While the interests of the Lhotshampa may well have been sacrificed by New Delhi on the altar of realpolitik, it is worth considering the questions that history will ask of the Indian state. Let us speculate on the effect of this unstated policy on India: What will be its impact on Nepal’s response to Indian diplomacy, given that the Indian state has deliberately opted to back Bhutan at the cost of Nepal? What happens to the oft-repeated mantra of special relations between Kathmandu and New Delhi? How is the Indian state going to deal with the discontent among those of its citizens who are Nepali-speakers, and who are witness to the unfairness being meted out on their linguistic cousins by New Delhi’s policy?
Today, the Drukpa regime in Thimphu is determined to demonise the Lhotshampa as the villains of all their problems. It is busy demolishing all vestiges of the Nepali-speakers’ presence in Bhutan. The Lhotsampa are not recognised as a separate community as in the past, and they have no representation in the council of ministers, the royal advisory council or the constituent assembly. In the Drukpa scheme of things, there is no scope for the continuity of the distinct Nepali-speaking Lhotshampa heritage.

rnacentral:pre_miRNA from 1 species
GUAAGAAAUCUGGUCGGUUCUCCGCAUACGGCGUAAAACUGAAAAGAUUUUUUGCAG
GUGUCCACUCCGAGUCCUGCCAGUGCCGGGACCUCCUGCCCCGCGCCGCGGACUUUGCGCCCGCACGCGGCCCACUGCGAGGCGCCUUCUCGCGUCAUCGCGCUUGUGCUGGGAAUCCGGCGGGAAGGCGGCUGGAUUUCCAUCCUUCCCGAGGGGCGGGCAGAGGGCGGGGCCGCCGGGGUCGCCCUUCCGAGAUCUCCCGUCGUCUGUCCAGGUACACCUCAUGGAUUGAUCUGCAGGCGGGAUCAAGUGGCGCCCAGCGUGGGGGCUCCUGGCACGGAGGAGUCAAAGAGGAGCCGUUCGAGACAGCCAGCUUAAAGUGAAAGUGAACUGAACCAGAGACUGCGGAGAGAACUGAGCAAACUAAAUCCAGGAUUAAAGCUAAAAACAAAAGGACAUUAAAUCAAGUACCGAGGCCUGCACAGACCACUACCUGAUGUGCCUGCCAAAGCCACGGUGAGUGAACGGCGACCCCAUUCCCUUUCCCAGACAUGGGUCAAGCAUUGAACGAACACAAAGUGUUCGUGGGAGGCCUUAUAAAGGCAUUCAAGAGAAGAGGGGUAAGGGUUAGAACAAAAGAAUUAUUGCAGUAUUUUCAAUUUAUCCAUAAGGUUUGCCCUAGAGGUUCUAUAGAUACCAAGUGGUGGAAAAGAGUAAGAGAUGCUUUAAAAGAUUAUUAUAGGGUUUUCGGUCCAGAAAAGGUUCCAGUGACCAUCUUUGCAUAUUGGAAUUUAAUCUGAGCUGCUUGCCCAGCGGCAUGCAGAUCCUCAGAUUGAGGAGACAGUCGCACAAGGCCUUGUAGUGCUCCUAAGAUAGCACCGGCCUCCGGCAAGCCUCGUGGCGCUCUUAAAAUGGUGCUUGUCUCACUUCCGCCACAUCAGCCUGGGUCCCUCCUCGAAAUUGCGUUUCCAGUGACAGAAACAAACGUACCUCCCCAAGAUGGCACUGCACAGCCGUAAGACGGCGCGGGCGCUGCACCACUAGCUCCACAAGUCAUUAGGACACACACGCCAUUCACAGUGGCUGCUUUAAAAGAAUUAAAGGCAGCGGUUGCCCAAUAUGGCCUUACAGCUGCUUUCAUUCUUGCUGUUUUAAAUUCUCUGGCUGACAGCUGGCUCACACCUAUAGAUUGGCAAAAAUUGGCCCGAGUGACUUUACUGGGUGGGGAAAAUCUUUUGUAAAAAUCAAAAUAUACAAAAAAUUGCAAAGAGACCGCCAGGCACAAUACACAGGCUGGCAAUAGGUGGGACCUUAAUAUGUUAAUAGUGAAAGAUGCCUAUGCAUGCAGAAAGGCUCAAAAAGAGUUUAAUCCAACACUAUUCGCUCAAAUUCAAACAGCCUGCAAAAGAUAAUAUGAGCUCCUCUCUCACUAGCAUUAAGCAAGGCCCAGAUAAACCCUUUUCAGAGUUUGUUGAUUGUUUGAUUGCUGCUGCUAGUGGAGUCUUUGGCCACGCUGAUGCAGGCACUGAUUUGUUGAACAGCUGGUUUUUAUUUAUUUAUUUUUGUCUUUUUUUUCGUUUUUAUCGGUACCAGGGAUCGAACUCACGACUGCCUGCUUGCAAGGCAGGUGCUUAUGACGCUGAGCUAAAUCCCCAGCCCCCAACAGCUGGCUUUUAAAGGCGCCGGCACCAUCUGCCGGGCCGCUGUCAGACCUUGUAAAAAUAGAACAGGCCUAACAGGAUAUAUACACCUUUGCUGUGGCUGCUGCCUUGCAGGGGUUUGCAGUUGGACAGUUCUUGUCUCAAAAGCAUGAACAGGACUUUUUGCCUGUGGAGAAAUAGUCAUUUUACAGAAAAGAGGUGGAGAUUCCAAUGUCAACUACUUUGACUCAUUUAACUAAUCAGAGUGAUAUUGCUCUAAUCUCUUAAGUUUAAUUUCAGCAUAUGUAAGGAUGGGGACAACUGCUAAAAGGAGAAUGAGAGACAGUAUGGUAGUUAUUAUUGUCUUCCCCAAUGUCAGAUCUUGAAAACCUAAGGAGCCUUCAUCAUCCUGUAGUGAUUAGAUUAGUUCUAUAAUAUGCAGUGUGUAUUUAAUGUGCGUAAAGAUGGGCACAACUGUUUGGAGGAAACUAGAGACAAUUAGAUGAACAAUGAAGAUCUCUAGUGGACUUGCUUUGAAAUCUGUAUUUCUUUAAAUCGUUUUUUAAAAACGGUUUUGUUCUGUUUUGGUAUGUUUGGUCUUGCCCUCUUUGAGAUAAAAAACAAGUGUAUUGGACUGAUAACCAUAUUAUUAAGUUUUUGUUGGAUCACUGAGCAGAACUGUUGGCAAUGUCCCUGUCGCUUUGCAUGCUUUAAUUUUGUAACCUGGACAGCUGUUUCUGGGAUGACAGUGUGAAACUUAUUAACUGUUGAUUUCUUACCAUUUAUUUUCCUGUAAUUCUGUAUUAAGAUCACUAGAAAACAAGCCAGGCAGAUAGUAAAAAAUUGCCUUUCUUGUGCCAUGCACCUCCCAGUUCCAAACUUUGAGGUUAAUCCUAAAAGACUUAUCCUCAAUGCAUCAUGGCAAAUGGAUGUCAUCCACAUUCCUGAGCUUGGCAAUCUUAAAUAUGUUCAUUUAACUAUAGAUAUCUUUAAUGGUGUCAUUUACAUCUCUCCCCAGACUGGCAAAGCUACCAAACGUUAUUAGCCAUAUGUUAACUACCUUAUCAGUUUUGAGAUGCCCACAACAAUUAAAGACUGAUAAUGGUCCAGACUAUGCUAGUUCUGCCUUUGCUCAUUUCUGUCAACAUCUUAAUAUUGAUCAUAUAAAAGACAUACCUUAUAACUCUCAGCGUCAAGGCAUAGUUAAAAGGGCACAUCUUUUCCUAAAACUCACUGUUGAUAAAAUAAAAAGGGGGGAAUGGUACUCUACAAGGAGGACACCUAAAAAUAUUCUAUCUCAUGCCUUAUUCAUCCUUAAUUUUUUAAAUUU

In Thimphu, there is a loathing of the Lhotshampa that is visible even today. So, they want a written constitution? Okay, we shall write it without their participation so that they, the Lhotshampa, will not figure in our polity. So, they want us to consult with the people? Our gyalpo will go to every district and block and meet with the heads of households, and we will concede to all important demands of the people, but we shall deal firmly with the ngolops (anti-nationals). They want an inclusive constitution? It will be so, only they will not figure anywhere in it.
Today, as Bhutan goes through the exercise of adopting an exclusionary constitution, the Lhotshampa in the refugee camps, who represent a seventh of the country’s population, have never been more neglected. Look at their fate. They survive on dole from the United Nations High Commssion for Refugees, which is being progressively reduced as per the agency’s policy. Nepal, the host country, is in the midst of the worst phase of its modern history and is hardly able to focus on the refugees. The Lhotshampa have been left to themselves, without anyone to provide empathy or a helping hand. If only the Indian state were to turn a humanitarian leaf, it would make all the difference to one of the most dejected population segments of the Subcontinent.